suzana naturallifestyle 120The first week of 2015 is behind us! Countless resolutions are still wrapping up the anxiously ambitious minds of many. Gyms are overflowing with new members. Magazines and social media advertise overzealous dieting tips to lose the extra pounds gained over the holidays. Three days, ten days, two weeks detox regimes are setting a race for a big prize of all inclusive arrangements for better and healthier us. Numerous workshops and seminars offer jump start to, well- new everything! We are determined to change our bodies, our careers, our relationships, our lives... and as a result, we never quite get there.  But there are effective things we can do.

It happens that a calendar beginning on the New Year takes place in the time of the deepest winter. Days are very slowly getting longer, wind chills are oftentimes below zero, forecasts brimming with blizzardy conditions, snow drifts, ice, and slush. The plant and animal world are tranquil and resting or hiding. Whether we like it or not, we humans are still an inseparable part of Nature's wholeness, regardless of our cultural and civilizational 'advancements'. What surrounds us, affects us in many ways. Winter too!

Joints and muscles feel stiff and in need for longer warm ups. We want to rest more, sleep more, and tend to crave satisfying rich food. There is a need for seclusion and quiet time, and perhaps we are not in a perfect mood.  Some of us are more affectionate and longing for closeness, cuddling and intimacy. Unfortunately, most of us have been fighting all those seasonal obstacles in a frantic attempt to meet deadlines, pay bills, satisfy social norms and, of course, preform our best. It is hard to take up allegiance with the winter, right?!

So consider the suggestions that follow to be something of a naturalist's and energy conservationist's approach to your well-being. Winter teaches us to conserve and preserve life. If we evolve hand in hand together with the coldest season honoring Nature's rhythms within ourselves, we might be gifted with true and long lasting renewal and growth this year and for many years to come.

Mending Your Sweet Tooth

We usually crave sugar more during the winter months. Try to curb your desire for any products containing processed sugar. Naturally sweet root veggies and seasonal fruits, such as apples and pears can provide you with all the sweetness you need.  Pouched or roasted apples and pears with a dash of cinnamon and a splash of honey are lushes treat for every dessert lover.

We are so lucky to live in an area with local famer's produce almost on every corner. Fill your baskets with locally grown beets, carrots and parsnips. Enjoy them raw in salads or roast them with some pungent spices, combine them with radishes and fermented cabbage, garnished with the zesty sprouts of your choice.

See the Trees. Smell the Trees. Honor the Trees

Notice the trees when you scroll down your road, walk in the woods or nearby park. The everlasting coniferous trees are standing out in all their beauty when the rest of the plant world sleeps. Glance at their deepest of the deep green shades. Immerse yourself in the color by nothing else then looking.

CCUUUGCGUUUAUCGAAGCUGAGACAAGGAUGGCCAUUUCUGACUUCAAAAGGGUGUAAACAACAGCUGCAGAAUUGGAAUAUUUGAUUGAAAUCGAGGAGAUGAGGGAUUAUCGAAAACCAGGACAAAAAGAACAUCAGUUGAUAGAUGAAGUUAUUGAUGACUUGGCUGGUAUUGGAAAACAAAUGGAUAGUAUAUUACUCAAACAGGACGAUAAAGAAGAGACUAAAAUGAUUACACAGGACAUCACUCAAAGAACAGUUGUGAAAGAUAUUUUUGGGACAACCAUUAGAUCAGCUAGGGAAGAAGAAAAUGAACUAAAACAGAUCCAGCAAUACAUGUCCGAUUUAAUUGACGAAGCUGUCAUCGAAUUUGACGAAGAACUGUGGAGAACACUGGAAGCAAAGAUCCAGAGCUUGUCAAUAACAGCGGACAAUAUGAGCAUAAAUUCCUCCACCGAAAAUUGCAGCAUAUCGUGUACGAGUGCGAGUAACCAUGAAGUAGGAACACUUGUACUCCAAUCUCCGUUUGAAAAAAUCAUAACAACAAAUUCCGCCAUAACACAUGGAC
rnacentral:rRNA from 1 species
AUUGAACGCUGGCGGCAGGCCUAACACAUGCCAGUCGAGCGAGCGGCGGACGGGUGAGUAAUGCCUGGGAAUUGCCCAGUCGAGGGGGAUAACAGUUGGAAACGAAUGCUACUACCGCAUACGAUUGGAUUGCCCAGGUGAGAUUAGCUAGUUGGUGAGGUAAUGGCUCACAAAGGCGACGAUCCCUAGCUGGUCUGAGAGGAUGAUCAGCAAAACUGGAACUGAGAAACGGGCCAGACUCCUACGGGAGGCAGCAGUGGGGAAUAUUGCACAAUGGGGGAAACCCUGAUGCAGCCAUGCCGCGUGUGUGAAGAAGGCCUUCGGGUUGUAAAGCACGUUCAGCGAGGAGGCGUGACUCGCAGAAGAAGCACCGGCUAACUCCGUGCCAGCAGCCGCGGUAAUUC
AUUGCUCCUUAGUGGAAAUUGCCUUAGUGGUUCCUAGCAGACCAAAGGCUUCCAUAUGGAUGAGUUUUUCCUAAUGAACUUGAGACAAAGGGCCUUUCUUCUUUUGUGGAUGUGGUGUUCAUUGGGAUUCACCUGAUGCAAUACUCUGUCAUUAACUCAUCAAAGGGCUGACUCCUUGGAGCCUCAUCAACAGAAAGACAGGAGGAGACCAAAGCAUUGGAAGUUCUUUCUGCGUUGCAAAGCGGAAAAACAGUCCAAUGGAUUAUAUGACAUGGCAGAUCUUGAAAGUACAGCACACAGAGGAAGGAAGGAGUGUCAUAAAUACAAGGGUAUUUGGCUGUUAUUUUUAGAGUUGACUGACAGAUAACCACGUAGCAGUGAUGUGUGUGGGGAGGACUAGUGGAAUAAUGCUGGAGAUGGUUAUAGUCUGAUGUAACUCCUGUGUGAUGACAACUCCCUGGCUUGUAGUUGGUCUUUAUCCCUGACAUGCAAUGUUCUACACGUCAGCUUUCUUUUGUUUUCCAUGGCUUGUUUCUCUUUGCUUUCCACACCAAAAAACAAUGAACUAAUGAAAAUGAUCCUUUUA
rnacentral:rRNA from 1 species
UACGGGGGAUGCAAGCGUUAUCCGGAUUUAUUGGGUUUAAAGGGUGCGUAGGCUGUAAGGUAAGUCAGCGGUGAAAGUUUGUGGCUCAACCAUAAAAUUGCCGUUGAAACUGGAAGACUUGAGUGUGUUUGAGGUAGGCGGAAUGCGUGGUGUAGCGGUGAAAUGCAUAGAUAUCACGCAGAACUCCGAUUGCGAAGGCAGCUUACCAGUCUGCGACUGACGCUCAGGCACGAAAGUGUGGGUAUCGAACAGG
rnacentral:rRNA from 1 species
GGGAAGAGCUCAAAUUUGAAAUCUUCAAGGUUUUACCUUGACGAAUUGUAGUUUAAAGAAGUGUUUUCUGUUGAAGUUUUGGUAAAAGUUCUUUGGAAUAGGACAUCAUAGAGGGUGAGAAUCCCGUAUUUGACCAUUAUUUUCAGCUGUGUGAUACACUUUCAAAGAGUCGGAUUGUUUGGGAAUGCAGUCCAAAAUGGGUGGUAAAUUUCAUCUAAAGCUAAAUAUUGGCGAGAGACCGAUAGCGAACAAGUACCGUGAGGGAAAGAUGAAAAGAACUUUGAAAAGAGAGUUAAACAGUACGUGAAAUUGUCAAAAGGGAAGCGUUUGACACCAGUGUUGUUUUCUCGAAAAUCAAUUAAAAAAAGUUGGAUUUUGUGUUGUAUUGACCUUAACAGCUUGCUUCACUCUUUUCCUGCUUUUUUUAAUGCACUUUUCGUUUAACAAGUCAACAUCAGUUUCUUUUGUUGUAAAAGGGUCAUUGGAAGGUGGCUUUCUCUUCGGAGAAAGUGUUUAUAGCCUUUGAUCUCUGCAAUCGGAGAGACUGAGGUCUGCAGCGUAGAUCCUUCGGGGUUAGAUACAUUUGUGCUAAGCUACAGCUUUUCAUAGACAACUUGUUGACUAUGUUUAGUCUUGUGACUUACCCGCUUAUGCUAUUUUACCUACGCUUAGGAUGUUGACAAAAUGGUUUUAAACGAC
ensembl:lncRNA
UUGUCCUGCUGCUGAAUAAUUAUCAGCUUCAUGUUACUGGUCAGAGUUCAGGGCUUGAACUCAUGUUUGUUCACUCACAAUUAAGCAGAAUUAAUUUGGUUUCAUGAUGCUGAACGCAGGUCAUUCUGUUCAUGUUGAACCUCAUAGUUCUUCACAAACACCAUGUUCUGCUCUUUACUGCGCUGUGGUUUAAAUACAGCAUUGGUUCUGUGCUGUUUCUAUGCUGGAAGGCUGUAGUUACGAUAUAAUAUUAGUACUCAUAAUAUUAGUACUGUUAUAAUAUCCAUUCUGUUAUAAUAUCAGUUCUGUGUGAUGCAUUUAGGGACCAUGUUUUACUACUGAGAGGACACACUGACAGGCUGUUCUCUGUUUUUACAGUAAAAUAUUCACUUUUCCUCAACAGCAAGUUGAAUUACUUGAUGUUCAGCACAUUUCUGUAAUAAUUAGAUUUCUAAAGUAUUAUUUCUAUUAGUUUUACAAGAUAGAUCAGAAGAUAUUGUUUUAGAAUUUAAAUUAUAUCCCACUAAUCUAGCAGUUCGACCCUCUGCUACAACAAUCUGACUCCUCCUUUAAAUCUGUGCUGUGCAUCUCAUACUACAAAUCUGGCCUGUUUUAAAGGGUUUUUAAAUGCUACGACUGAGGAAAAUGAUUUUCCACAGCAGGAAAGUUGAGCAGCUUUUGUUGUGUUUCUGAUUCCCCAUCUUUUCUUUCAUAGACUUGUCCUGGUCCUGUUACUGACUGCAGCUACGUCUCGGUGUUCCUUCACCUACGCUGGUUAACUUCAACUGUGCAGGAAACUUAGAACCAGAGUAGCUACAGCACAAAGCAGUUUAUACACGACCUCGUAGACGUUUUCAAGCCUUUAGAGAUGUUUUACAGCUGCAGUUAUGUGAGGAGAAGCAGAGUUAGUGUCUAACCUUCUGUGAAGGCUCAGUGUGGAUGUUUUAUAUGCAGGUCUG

Find a moment to stand close to pine, fir or spruce, close your eyes and allow fragrance of resins to mesmerize your nostrils and benefit your lungs with freshest nature's scent. Be sensual in nature. There is not much to think about -- oh, such a restful moment.  Just breathe and say thanks to the trees which breathe for all of us.

If you cannot enjoy outdoors, keep houseplants around you, use pure essential oils like cedar, pine or juniper with diffuser to bring aroma of the forests closer to you.

Set the Fire

Set the fire in your fireplace, fire pit, wood stove or simply lit up the candles. Long dark nights after short, somewhat gloomy days welcome flickering orangey flames.  Fire brings light in our souls, sparks ideas, initiate plans and warms us literally and metaphorically.

Warmth open us to share stories with family, friends, and partners. Hug your child, kiss your lover, and cuddle with your pet. Even if you are all alone, treat yourself with a great affection- lotion your body after bath with a care, place your hands where you crave touch the most and honor yourself.

In Love with Bedtime

Hibernation is perhaps most popular term which describes typical winter behavior. And certainly not without reason those winter nights are endlessly long. Go to bed as early as you can, and sleep as long as you can. Long winter sleep is the best nourishment you can offer to yourself.  Dim the lights. Turn off all electronic devices an hour before sleep and try not to have any of them in your bedroom. Keep your bed neat and cozy.  Just before you snuggle under all your blankets glance at the starry sky (when available) and smile. Be grateful. Have a good night!

Suzana Jelovecki, MS, Licensed Acupuncturist, is the owner of Roots and Branches Acupuncture and Nature Bound Woman